AS A young boy,Stansilus Mugove,not real name,was reserved.His parents encouraged his peerS to emulate his character,humility and meekness.At church,everyone called him ‘pastor’ as there were traits that many saw in him.
Mugove,45,now a pastor with a local protestant church,has had a manifestation of changed behaviour traits.
His wife,Miriam,41,now frequently visits marriage counselors and other church elders so that they can help pray for her husband who is now lured by the ‘demon of prostitution’.Mugove now behaves like a drunkard hooked by Vodka.
What started as innocent Whatsapp messages by Mugove with female congregants soon gave way to more intimate conversations,which often continued till late in the night and subsequent meetings during the day.
His wife of 20 years had been growing suspicious about his behaviour and discovered his relationship when she scanned his phone history.
“Despite being a man of cloth,Stansilus has been cheating in our marriage for a long time.I have bumped into several messages in which he has been flirting with several women.
“We have an 18-year old son and at times I wonder why he fails to see that his actions are having a negative impact on our marriage.Things have changed and we are no longer a happy couple like we used to be.
I wonder how a grown up can be vexed b a phone,”narrated Miriam.It is no secret that marriage has been in decline in Zimbabwe but most people don’t realise how quickly it has been crumbling.The presence of men of cloth in the bracket of people whose marriage are teetering on a brink of collapse has been astounding.
Social media,particularly WhatsApp,is putting many marriages and relationships though the litmus test of infidelity.
Easy access to the past or to the desirable,even if it is virtual,has complicated real-life relationships.
Passwords-protected chats and the option to delete content have made many believe their mobile phones activity is safe from scrutiny.
Researchers have found that increased social media use in marriages leads to cheating or the failure of the relationship.This is despite the fact that conflicts occur regardless of how long the people had been in the relationship or marriage.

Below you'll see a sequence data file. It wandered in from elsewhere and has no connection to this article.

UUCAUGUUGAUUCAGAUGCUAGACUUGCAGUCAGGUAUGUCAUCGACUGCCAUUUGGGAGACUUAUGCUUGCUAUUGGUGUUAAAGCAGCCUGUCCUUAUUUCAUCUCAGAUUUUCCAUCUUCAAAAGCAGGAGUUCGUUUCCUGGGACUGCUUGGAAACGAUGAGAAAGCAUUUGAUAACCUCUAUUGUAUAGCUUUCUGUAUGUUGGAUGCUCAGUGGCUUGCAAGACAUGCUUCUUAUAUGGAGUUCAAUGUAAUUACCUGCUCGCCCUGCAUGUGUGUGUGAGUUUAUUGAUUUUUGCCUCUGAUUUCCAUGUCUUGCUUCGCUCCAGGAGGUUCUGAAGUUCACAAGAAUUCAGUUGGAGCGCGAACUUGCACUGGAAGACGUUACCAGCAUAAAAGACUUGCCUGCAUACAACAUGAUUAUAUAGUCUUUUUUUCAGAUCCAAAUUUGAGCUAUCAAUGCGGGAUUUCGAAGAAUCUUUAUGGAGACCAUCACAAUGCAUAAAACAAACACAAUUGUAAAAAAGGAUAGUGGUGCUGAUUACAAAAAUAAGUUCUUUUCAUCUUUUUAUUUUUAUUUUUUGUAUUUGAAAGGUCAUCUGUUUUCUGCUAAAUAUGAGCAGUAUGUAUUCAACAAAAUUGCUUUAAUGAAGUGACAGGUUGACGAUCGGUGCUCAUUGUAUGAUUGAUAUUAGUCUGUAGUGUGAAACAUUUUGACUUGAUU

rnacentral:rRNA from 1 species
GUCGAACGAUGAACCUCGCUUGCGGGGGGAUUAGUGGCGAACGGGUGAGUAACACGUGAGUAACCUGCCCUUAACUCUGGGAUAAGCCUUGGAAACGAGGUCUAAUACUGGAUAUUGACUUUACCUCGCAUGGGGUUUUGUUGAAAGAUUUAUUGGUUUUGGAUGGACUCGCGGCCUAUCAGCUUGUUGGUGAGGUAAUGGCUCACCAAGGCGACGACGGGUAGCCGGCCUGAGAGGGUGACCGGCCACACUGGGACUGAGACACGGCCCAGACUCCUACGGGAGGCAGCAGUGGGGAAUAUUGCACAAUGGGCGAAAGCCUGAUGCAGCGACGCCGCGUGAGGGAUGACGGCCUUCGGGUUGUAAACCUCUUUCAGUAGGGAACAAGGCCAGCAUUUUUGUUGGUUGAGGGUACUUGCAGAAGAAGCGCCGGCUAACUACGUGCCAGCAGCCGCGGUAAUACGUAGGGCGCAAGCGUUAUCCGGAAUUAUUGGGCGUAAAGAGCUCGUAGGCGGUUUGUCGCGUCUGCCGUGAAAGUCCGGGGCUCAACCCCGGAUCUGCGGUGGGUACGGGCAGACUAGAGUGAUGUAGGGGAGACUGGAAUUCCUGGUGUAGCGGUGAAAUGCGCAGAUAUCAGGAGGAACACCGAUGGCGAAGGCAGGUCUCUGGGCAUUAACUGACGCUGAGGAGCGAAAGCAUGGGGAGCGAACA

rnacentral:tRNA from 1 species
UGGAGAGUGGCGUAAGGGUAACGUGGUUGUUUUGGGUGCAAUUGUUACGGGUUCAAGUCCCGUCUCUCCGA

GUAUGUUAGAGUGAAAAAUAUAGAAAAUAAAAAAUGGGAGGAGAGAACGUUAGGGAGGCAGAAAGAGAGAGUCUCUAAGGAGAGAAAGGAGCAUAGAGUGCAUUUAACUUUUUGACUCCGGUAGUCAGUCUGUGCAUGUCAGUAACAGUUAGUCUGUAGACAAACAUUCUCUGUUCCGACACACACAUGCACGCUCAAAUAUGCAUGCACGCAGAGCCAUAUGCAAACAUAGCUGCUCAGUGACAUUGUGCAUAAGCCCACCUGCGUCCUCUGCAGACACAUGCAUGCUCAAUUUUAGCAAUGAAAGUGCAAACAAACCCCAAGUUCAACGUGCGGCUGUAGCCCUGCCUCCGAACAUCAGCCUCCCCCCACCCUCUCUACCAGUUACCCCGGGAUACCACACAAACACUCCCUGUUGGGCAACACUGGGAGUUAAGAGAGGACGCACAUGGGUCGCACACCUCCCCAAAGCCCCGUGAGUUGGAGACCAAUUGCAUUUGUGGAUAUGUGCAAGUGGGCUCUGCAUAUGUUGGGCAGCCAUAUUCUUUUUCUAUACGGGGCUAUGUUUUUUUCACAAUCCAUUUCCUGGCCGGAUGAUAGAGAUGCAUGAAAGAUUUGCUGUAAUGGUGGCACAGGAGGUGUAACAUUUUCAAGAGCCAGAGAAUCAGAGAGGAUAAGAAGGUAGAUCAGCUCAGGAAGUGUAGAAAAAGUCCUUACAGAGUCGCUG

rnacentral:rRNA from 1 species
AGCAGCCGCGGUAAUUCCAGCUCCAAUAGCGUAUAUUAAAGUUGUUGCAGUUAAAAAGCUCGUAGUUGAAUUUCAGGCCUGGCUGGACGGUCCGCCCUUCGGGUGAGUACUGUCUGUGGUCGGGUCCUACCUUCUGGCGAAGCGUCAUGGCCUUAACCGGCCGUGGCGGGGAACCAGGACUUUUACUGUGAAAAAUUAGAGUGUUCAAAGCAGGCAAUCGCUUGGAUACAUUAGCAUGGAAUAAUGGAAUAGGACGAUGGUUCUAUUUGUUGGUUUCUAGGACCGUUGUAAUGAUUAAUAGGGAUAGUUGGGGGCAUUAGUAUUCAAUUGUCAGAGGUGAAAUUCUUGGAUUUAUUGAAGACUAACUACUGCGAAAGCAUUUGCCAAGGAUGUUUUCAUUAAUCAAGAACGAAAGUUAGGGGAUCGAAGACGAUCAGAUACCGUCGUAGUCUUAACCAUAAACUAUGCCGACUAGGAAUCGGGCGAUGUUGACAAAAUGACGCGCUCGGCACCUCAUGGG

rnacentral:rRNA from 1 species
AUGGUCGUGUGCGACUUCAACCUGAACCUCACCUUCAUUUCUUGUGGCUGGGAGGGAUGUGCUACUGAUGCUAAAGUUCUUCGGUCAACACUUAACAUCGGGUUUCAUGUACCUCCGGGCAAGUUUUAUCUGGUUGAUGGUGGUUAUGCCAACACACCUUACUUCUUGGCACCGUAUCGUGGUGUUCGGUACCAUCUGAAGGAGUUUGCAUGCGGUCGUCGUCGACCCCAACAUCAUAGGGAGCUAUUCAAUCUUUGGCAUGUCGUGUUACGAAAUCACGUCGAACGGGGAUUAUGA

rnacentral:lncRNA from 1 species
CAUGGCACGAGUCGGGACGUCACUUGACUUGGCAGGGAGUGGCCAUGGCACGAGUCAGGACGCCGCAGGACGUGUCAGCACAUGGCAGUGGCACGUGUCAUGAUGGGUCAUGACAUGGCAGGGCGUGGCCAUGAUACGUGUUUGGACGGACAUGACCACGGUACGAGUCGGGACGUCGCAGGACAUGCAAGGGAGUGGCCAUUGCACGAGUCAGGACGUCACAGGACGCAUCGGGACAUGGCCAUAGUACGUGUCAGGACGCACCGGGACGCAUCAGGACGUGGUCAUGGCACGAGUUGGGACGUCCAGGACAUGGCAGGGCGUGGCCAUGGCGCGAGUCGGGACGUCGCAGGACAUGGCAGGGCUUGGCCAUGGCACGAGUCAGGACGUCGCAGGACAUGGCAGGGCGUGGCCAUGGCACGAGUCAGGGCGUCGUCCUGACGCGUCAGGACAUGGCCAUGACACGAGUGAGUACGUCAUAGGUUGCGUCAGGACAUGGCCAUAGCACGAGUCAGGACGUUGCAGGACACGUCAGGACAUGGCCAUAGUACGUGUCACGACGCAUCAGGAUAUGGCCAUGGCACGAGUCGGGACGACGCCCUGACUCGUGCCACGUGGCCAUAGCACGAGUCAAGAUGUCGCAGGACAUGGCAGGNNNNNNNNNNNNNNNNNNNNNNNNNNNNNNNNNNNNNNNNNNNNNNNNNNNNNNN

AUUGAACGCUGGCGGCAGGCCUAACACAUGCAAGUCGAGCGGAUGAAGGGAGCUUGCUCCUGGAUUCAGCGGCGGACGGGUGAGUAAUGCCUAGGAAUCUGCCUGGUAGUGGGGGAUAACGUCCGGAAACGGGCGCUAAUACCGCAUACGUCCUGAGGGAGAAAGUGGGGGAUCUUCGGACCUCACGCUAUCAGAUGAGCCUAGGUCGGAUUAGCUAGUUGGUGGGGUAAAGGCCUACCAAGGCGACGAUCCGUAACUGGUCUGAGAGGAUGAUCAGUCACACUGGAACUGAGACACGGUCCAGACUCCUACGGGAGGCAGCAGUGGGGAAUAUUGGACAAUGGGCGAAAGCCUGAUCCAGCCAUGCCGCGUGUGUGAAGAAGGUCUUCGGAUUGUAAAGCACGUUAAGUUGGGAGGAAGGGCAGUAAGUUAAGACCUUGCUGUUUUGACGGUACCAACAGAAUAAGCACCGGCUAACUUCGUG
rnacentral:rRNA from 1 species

“People become too engulfed in what they are doing,and that takes them away from their other activities.Men of cloth have not been spared in the dynamics because they have been promiscuous.
“Several pastors are cheating their wives because they think they are being left behind in the social medial revolution which has taken the world by storm.I don’t think social media use causes relationships to break up
I think lack of trust causes relationships to break up,and social media sites are a place where this lack of trust can be quantified,”said marriage counselors Esnath Mushape.
WhatsApp,Twitter and Facebook have been viewed as the major culprits that have made many people lose trust and faith in their loved ones.Social media have further revolutionized the way people interact.It also means that partners expect each other to make a call,SMS,poke or send a message on WhatsApp.
“We have been expecting pastors to be leaders in their communities,but it seems they have failed.The reason they give when they are caught on the wrong side is ‘I am a human too’.
“The thing is these pastors go to college without God’s call.
The majority are too young to hold off the temptation brought by women.These young men want to work for God yet they are not strong enough to fight the devil and his cunning temptations. Remember the Anglican priest Father Mandirahwe who was asking for se_xual favours from a congregant,”said Thomas,a parishioner at Father Mandirahwe’s Church.
According to Indian psychologist Himani Chaphekar,the real problem is the illusion of wellness that chatting with others creates.
“Through WhatsApp,we develop a superficial closeness with people who we may not be truly close to and thus find it easy to share all aspects of our life even without judging them.There may not be a face interaction with the person for a long time,and our mind creates an illusion of a perfect person,or relationship.When compared to the stress of our day-to-day life,including the strains that both husband and wife go through,the relationship developed on WhatsApp offers a solace of someone perfect to go to.
“I have dealt with cases of married women getting lured into WhatsApp chats with male friends who then abuse the friendship for perverted intentions.Even before they know it,the women are trapped,though they may think they are enjoying it,”writes Chaphekar.
Couples need multiple rounds of counseling to help them resolve their problems.The habit of incessantly using the mobile phone,though,takes a lot of time to go away.
With WhatsApp increasingly blurring the limits of what is acceptable,both men and women need to understand the implications of their behaviour.
In the face of marriage collapsing,some are willing to give each other another chance,but most end up saying the trust is eroded.